History of the Museum
The Warwick Museum of Art (WMOA) began as a Bicentennial project in 1974 by non-profit organizations around the City of Warwick. The Bicentennial celebration was spread over 12 months during 1976 to accommodate as many groups as possible; February was the month for non-profit groups to celebrate the nation's 200th anniversary.
For its biannual National Federation of Women's Club Community Improvement contest, the Warwick Junior Women's Club (now the Warwick Women's Club) chose to establish a museum for the city. Other non-profit organizations that wanted to be part of the bicentennial project joined them in this mission.
The theme "From the past, to the present, to the future" was adopted to create a sense of pride in the city, to better educate Warwick residents about their history, and to have a place where local art exhibitions and historic displays could be shown.
Many locations were considered but discarded because of opposition by nearby neighbors. Finally, Mayor Gene McCaffrey located a space at the Pontiac Mill complex. Members of the Museum board and supporters renovated the space for the February 29, 1976 opening. In addition, each member organization sponsored fundraising events like fashion shows, concerts, and a formal dance at the Aldrich Estate.
To promote the new museum and to give students an idea of what it would be like, a exhibit traveling to local schools.
WMOA's first director, Carol Blank, was paid through a federal grant and the first exhibit depicted the preparation of flax, demonstrations of spinning and weaving, and life-sized pictures of mill workers at work. The Junior's project came in fifth out of 10,000 clubs competing nationally and brought winning money to the Museum. The Bicentennial committee also gave the Museum a cash award.
WMOA's first president was Warwick Junior and Community Improvement chairman Joyce Almeida; Harry Knickle of the Jaycees and Julina Olney of the Warwick Historical Society were named vice presidents. Other groups represented were the Jaycee-ettes, the Rotary, the Warwick Teachers Union, the Kent County Visiting Nurses Association, the Red Cross, and the Warwick Chamber of Commerce.
Early exhibits were historical. A permanent collection did not exist, so exhibits were borrowed from other museums or personal collections. Over the years a wide range of exhibits, ranging from fine silver from the Smithsonian's collection, to an exhibit on professional quahogging in Narragansett Bay, were mounted at WMOA.
The local Boys Club moved out of the Kentish Artillery Armory building in the 1970's and when the last member of the Kentish Guard passed on, the Armory was deeded to the city. WMOA moved to the Armory in 1977 after renovation by board members and friends.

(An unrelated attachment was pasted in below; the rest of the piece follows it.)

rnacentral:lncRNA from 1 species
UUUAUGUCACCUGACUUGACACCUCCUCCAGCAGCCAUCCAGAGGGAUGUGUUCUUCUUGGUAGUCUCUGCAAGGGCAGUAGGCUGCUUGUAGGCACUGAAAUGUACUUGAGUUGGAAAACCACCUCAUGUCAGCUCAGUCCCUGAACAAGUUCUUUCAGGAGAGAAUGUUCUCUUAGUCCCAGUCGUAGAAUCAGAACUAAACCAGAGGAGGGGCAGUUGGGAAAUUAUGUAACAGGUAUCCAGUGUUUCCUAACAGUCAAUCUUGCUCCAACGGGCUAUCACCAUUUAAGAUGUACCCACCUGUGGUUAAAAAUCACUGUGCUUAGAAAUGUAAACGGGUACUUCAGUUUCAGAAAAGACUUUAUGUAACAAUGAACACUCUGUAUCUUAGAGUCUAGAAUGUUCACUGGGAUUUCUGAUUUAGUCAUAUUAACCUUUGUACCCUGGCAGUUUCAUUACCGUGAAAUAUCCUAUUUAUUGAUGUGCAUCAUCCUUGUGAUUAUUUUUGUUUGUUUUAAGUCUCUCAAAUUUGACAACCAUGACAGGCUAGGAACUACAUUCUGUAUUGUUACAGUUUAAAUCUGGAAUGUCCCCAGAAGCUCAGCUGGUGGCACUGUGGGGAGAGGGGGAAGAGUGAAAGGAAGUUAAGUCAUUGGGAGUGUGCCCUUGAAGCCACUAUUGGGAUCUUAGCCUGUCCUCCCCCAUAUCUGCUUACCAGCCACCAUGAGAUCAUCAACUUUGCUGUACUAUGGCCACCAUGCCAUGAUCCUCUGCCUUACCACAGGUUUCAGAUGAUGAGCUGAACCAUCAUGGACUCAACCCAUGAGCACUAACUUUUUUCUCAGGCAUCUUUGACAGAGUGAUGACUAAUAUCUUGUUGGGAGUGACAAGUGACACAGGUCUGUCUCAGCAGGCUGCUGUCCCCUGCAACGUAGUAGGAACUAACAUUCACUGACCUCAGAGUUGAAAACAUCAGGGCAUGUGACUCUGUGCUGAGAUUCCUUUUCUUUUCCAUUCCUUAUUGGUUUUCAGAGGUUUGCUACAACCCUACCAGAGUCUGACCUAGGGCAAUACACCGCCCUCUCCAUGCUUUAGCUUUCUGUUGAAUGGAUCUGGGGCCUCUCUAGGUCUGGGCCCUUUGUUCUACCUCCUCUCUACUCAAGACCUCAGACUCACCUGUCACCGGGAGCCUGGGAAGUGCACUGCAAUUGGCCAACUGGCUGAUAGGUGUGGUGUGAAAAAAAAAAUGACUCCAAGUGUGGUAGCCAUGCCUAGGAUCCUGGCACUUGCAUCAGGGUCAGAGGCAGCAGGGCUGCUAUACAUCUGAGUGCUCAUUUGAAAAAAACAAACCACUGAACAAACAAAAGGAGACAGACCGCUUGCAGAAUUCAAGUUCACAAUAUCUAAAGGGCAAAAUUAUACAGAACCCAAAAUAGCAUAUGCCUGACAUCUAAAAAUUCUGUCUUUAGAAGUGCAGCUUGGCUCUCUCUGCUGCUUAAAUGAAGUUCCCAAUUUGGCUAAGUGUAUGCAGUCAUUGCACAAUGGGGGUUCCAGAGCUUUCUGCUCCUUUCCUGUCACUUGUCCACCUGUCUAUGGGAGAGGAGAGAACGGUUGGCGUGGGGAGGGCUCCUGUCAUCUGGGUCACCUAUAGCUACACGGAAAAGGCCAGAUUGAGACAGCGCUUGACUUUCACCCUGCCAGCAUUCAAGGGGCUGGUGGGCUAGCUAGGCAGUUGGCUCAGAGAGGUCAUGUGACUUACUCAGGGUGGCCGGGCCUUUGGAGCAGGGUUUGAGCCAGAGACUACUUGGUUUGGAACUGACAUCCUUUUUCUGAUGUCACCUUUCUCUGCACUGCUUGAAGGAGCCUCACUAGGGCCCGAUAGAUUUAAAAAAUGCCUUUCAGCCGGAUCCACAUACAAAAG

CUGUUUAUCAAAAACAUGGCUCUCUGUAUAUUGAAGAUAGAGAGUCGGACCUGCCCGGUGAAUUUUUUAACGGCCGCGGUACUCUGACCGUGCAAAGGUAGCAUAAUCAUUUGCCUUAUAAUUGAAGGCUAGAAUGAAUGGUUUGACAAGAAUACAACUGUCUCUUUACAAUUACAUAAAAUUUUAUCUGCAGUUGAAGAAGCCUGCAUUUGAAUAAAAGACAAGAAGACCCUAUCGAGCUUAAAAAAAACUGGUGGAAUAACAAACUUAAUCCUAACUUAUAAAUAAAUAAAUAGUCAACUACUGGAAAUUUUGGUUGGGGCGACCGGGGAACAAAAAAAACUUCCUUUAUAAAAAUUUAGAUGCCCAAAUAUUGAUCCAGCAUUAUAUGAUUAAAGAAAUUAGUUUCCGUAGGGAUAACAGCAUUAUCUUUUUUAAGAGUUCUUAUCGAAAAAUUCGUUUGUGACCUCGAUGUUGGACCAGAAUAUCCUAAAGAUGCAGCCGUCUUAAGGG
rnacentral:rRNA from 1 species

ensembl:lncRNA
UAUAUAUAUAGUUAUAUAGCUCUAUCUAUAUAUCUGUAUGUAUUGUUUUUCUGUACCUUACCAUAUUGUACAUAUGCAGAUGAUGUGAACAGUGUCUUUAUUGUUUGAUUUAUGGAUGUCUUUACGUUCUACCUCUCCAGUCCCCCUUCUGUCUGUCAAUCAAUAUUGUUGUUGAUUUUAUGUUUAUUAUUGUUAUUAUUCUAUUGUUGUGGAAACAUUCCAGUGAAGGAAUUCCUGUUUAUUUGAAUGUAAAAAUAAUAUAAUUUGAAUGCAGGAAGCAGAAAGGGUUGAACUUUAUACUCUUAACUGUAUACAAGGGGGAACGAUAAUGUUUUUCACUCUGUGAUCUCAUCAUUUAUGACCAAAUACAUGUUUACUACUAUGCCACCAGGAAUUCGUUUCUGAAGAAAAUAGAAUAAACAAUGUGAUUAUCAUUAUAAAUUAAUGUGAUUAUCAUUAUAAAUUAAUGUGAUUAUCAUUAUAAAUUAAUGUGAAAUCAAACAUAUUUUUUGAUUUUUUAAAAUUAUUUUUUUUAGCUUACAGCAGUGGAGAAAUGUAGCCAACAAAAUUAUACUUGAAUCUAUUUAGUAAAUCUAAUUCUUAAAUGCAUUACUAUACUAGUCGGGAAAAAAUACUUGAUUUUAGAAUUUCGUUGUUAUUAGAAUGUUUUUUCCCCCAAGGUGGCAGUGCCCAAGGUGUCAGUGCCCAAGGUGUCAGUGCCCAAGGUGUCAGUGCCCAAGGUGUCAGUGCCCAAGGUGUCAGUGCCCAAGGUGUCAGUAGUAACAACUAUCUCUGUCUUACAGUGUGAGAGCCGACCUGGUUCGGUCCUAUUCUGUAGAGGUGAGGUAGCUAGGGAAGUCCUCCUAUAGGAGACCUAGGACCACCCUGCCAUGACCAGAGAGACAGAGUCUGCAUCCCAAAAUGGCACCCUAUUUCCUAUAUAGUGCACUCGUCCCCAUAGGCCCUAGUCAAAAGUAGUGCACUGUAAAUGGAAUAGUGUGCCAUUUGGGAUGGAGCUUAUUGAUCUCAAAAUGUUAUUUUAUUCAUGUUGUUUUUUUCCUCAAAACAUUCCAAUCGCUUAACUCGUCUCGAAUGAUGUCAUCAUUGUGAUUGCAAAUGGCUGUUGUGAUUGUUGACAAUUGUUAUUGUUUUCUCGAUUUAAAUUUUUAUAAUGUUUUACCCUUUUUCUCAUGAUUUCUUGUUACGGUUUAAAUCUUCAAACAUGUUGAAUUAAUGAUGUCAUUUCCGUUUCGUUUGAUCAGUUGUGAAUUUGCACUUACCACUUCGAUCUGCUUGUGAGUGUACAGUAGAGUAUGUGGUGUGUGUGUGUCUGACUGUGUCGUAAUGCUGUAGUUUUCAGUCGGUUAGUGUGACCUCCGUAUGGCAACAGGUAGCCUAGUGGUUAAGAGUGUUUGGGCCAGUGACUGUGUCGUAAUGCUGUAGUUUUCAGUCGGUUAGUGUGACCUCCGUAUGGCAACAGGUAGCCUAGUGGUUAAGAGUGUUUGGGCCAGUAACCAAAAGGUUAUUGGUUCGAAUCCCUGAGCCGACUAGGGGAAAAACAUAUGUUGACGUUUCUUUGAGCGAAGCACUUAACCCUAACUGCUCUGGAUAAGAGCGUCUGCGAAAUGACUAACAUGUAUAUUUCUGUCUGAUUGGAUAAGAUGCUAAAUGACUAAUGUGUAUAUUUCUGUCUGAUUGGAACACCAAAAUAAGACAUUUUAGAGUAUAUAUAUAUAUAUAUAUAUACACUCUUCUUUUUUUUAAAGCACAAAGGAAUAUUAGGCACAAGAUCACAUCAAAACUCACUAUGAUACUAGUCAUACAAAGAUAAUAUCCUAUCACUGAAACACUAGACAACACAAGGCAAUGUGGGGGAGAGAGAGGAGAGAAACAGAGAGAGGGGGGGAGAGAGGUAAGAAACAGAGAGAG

The Museum School became a central part of the Museum's outreach and is now a permanent program. After strong public interest in art exhibitions, the museum voted to focus more heavily in art, and changed the Museum's name first to the Warwick Art Museum. and finally, the Warwick Museum of Art.
History of the Kentish Armory
WMOA's current home, the Kentish Artillery Armory, was designed by the Providence firm William R. Walker and Son, the same architects who designed Warwick City Hall. The building is fronted by a block with projecting square corner towers and a battlemented parapet. The unique, red-brick building was erected in 1912 and is listed on the National Register of Historic Places.
The Kentish Artillery Company traces its roots back to 1797 when it was first organized, as the Kentish Light Infantry, at the recommendation of George Washington. Warwick gave the Kentish Artillery permission to build its armory on the eastern portion of the town lot in 1854 and, more than a century later, its building was given to the City. The Greek Revival structure was destroyed by fire in 1911.
Records show that in 1804 the Kentish Artillery was given two Revolutionary War cannons. When the current Armory was built, two niches for cannons were included on either side of the front door. The Walker firm added a charge of $2.50 to their final invoice for "carting the cannon" to the new building, pointing to the fact that the guns were valuable and made of metal. The cannons now located in the niches are replicas because the originals disappeared in 1972 -- and the case of the missing cannons has never been solved.
Another oddity in the building is a long, narrow "shooting gallery" in the basement which is now used for museum storage.